When the economy is chugging along and money is flowing through our society, it seems to me that some terms get new definitions. The line between “need” and “want” is blurred beyond recognition. Another couple phrases whose definitions get a little hazy is the difference between “have to” and want to”. While these can be annoying, there is another phrase that is tossed about with no regard to its actual definition and that phrase is “beyond repair”.
How often have you really come across something that is truly “beyond repair”? Sure, it may be too expensive or even sometimes impractical to repair, but that’s not the same as “beyond repair”, Beyond repair implies that there is absolutely no way to fix something. It’s irreparably damaged, old, worn out, or whatever. Let’s be careful with our words, though, because words have meanings and when we change those meanings, the results are not good.
In this post I want to talk about “beyond repair” and what this potentially dangerous term means in historic preservation, because I feel like it is being used to justify all kinds of architectural wrongs and I want the damage to be stopped.
What is Beyond Repair?
Typically, we use this term the same way we talk about a car being totaled. It’s not that your mechanic couldn’t fix the car, but it will likely cost more to repair than the book value of the car is worth. Why sink $4,000 into a car that is only worth $2,000, right? So, something is beyond repair if the following formula applies.
Value in Good Condition – Cost to Repair ≥ $0
What do you think? Can we agree on that definition of beyond repair? I feel comfortable with it since it can be applied across a wide variety of items and their valuations. So, then we need to agree upon a method to accurately find the value of an item. As you’ll see below, this can prove a bit more difficult.
How Do You Value Old Buildings?
The book value of a car, or a piece of land may be easy to calculate, but the value of a historic building is not as clear. Yes, you can go to the local property appraiser and find out what your home is “worth”, but would any of you feel good about selling your house for what the property appraiser lists it at? How about selling your house for what the insurance company values it at. No thank you!
So, then for difficult to value items like historic buildings, how do we come up with an appropriate value? For most real estates, a local realtor can help with a basic valuation since the price of real estate is extremely localized. But, how do you put a value on the endless intangibles incorporated in an old building? Things like custom woodwork, wavy glass, unique and hard to find hardware, old-growth lumber, etc. Those are hard to value with any degree of certainty. We all know they are worth more, but how much more?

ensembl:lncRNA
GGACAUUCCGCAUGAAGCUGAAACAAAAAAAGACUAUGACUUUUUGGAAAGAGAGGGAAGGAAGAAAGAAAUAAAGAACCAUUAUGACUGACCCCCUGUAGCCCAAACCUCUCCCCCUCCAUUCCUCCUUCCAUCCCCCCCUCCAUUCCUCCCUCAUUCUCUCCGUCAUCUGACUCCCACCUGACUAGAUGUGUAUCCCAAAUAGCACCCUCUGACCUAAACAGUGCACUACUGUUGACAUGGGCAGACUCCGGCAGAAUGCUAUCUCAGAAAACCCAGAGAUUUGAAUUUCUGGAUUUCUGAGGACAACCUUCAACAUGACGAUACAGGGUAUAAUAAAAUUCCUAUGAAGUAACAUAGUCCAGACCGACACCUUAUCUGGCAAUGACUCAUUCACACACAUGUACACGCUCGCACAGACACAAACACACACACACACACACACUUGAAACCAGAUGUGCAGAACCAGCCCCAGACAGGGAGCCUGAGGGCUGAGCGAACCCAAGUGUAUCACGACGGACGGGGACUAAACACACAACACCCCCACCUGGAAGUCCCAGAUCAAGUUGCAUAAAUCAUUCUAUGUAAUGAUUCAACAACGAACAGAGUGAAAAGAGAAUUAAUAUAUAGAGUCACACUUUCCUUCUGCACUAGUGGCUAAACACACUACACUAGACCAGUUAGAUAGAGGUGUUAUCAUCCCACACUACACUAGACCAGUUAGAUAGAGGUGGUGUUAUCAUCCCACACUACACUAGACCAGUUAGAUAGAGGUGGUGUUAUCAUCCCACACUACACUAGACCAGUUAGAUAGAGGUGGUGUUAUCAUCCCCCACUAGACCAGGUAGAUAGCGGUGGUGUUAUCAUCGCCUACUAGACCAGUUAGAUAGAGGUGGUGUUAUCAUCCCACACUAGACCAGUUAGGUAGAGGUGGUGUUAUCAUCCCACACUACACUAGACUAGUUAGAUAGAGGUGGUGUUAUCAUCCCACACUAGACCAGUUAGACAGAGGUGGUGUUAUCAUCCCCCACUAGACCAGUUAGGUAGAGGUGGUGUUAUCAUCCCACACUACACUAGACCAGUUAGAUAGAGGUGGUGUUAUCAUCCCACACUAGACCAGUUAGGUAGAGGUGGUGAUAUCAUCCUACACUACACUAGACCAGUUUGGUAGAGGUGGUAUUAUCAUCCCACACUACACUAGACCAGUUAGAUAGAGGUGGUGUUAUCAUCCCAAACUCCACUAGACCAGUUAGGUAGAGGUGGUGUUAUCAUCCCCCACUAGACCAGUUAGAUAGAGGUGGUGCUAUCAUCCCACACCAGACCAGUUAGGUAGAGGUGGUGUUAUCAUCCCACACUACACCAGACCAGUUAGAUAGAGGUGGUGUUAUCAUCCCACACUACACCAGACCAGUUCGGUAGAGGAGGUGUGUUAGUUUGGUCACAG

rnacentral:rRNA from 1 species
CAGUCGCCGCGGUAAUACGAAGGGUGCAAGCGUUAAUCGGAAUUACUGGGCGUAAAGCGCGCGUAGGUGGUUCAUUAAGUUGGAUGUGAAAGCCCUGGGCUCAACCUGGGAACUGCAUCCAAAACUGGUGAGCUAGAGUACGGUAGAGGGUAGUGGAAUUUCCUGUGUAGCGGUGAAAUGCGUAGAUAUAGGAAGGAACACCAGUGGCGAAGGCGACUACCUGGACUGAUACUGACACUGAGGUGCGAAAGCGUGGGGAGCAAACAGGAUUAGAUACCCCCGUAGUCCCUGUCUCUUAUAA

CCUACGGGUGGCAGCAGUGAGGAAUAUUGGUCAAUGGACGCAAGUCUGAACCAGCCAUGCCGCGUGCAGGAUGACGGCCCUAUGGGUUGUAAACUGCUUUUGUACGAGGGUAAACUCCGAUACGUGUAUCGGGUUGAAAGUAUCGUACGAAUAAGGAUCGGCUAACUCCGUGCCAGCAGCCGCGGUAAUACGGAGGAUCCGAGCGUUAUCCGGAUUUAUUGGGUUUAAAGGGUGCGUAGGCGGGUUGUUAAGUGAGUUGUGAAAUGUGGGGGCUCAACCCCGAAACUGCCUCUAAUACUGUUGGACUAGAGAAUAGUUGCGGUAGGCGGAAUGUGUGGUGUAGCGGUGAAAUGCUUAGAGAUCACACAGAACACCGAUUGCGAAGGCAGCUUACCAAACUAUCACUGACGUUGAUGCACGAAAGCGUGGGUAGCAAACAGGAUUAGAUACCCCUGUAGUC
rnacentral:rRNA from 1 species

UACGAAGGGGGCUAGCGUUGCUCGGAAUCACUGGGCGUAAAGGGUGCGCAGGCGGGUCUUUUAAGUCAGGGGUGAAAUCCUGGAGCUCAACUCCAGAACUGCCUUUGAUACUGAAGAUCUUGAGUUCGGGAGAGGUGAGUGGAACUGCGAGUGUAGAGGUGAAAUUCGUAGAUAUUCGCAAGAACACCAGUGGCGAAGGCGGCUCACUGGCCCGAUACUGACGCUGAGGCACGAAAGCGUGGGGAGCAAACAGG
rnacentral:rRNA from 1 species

Then there are the really intangible things like local history. Was your house built by the first mayor? Was a famous writer born in the house, or the town’s first doctor? Maybe it was part of the underground railroad during the civil war, or it had a distillery in the basement during prohibition. There are so many stories incorporated into our historic buildings that are almost impossible to value. After all, the house built by the town’s first mayor is the only house like it in the world. How do you pull that comp?
What about valuing a building during the great recession in 2009 vs in 2019? It’s the same building but those numbers would be vastly different. Does that mean that in a down real estate market there are more buildings that are “beyond repair”? Struggling through this valuation we can see that determining a true value of a building that incorporates the book value and intrinsic value is really difficult if not impossible.
If you wanna know the real reason most people toss this phrase around, it’s because they are copping out, in my humble opinion. Here are some of the responses I’ve gotten on projects I’ve sometimes been awarded and sometime lost to the wrecking ball to show you what I mean.
- Saving Original Windows: Developer says, “they are beyond repair” Translation: It’s too expensive to restore them to turn a quick profit on this project.
- Saving Historic Brick Facade: City says, “it is beyond repair” Translation: The new anchor tenant wants to move in quickly and restoration will take longer than demolition.
- Painting Wood Clapboards: Homeowner says, “they are beyond repair” Translation: Wood requires regular maintenance and I want vinyl siding because I’m tired of maintaining my house.
Ultimately, this comes down to private property rights and how much tenacity local historic preservation ordinances have. I don’t think I would have a problem with the phrase beyond repair if it was used to accurately describe the situation, but that is not the case. Using it as a cop out so you don’t have to be a responsible property owner and steward of the piece of history you own is no excuse.
Bottom line for me is that if you don’t want to fix it, then have the guts to tell us that’s why you want it replaced/demoed/razed, but stop lying to the rest of us that the reason you’re choosing to NOT restore is because it’s “beyond repair.” Put on your big boy pants and tell the truth, that’s what adults do. If you own a piece of architectural history whether it’s a house or a high rise, have the guts to tell it like it is and let the cards fall where they may.